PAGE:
Regular Season Game #9
The Detroit Pistons nearly broke through against one of the league's best teams before coming up short again their last time out.
While frustrations are starting to take their toll, Detroit is doing its best to stay positive.
The visiting Pistons look to snap their worst start in franchise history Wednesday night against the Philadelphia 76ers.
Detroit (0-8) saw its woes continue Monday with a 92-90 loss to Oklahoma City. The Pistons, who limited the Thunder to a season-low 37.0 percent shooting, led by as many as 13 points in the third quarter but were outscored 30-17 in the fourth.
"The thing I liked is our guys, when you went in that locker room, very, very disappointed," coach Lawrence Frank told the team's official website. "Laid it all out there, felt like we could have won the game - should have won the game - and you hate where you kick a game. Just to see how much that loss hurt ... it should, and then we had a really good day of practice and you move forward."
The Pistons have played six games on the road, where they've gone 16-64 since the start of 2010-11 to post the league's second-worst winning percentage (.200).
"Now we go back on the road," Tayshaun Prince said. "I don't know who did the schedule for us. It's going to be tough, but this is what we've got to look forward to."
Despite Detroit's struggles, 76ers coach Doug Collins isn't expecting anything to come easily Wednesday.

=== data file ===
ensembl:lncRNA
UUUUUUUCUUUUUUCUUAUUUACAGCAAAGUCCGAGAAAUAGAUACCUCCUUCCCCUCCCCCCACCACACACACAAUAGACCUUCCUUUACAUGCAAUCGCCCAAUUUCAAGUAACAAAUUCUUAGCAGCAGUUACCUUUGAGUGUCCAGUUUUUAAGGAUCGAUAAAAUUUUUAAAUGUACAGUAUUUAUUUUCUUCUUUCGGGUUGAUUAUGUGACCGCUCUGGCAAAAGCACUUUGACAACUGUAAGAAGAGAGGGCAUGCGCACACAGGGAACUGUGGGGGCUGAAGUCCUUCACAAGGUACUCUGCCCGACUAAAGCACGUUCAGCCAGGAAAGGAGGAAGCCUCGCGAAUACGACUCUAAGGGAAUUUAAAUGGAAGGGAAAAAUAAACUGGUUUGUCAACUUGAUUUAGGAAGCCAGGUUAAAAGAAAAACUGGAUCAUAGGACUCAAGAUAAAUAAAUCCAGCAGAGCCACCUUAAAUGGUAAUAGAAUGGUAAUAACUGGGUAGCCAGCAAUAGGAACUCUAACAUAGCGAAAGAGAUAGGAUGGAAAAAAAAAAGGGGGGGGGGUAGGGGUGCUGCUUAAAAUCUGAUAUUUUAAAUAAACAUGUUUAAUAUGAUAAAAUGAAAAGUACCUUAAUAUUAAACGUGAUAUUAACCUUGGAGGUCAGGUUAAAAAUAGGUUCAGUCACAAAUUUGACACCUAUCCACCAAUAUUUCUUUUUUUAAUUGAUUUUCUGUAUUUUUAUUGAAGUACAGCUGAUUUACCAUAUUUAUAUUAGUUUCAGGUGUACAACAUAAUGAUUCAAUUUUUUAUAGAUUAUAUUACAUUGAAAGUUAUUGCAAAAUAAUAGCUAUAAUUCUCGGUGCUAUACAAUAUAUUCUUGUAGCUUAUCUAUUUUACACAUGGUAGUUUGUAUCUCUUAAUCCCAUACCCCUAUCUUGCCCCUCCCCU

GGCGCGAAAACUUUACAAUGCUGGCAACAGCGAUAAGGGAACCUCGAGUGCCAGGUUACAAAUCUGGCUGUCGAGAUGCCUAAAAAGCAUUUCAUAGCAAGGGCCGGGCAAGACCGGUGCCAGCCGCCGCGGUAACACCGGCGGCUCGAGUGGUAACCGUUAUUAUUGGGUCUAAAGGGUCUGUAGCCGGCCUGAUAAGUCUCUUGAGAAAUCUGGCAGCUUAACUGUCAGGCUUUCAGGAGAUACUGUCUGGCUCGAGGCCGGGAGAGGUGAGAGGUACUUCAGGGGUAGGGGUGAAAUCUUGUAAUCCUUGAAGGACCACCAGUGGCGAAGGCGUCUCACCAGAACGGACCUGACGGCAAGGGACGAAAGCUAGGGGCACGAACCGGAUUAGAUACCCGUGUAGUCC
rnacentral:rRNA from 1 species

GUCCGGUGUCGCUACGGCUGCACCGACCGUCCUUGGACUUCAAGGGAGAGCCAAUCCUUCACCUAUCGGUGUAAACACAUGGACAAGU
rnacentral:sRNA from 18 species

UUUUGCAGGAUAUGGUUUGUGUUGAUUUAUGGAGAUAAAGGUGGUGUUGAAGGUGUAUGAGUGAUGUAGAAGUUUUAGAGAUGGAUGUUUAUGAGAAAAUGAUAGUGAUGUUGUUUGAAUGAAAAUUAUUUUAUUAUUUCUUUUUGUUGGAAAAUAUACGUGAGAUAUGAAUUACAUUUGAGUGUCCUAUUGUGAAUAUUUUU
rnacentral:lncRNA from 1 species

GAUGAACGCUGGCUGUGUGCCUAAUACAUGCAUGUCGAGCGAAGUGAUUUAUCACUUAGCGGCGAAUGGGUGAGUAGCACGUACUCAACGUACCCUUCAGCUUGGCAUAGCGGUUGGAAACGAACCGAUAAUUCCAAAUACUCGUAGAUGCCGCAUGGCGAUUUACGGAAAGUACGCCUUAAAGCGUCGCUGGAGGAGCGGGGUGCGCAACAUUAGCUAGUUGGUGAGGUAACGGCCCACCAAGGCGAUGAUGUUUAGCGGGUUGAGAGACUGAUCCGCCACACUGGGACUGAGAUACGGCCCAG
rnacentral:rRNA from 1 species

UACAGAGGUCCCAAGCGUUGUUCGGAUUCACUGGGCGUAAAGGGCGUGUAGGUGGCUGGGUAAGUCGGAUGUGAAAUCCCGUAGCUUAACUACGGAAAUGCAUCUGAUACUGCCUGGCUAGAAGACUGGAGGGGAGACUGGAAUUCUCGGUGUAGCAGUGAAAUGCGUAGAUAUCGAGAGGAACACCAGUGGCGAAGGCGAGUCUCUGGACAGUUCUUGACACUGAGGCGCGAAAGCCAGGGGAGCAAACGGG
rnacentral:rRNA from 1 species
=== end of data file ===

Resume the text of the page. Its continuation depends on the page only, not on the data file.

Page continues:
"First of all, they've played well enough to win some games. They've had their hearts broken," said Collins, who spent three years of his coaching career with Detroit from 1995-98. "You know that the capability is there ... they've been knocking on the door.
"It, to me, is a will to win game. Go out and impose your will, they're coming in our building. We've got to play better at home. ... We've gotta be more focused."
The 76ers (4-3) beat visiting Denver 84-75 in their season opener but have since been outscored by an average of 15.5 points in back-to-back home losses.
Jrue Holiday had 25 points Monday while Jason Richardson (sore ankle) returned from a four-game absence to score 20, but Philadelphia was limited to 13 points during the fourth quarter of a 105-96 home defeat to Milwaukee.
The Bucks shot 51.3 percent, had a 48-31 rebounding advantage and outscored the 76ers 42-24 in the paint.
After learning All-Star center Andrew Bynum will miss at least five more weeks, Philadelphia is hoping to see its frontcourt pick up the pace. Lavoy Allen, who's made six starts at center, is posting 4.4 points and 3.1 boards per game and shooting 36.8 percent. Reserve Spencer Hawes hasn't been much better, averaging 9.0 and 7.4.
"We've got to get more consistent, better games from Spencer and Lavoy," Collins said. "This is not pointing fingers or whatever, in this game you have to have production from your bigs."
Holiday also needs to take better care of the basketball. The fourth-year point guard committed a career-high eight turnovers against the Bucks and is averaging a league-worst 6.0.
"I think I'm trying to make something happen," said Holiday, who leads the team with 19.1 points and 9.0 assists per contest. "Sometimes you just have to be patient. I'm learning, I'm watching film every day and trying to learn from my mistakes."
The 76ers had won three straight in this series by an average of 24.3 points before falling 108-86 at Detroit on April 26. The Pistons have dropped three of four in Philadelphia.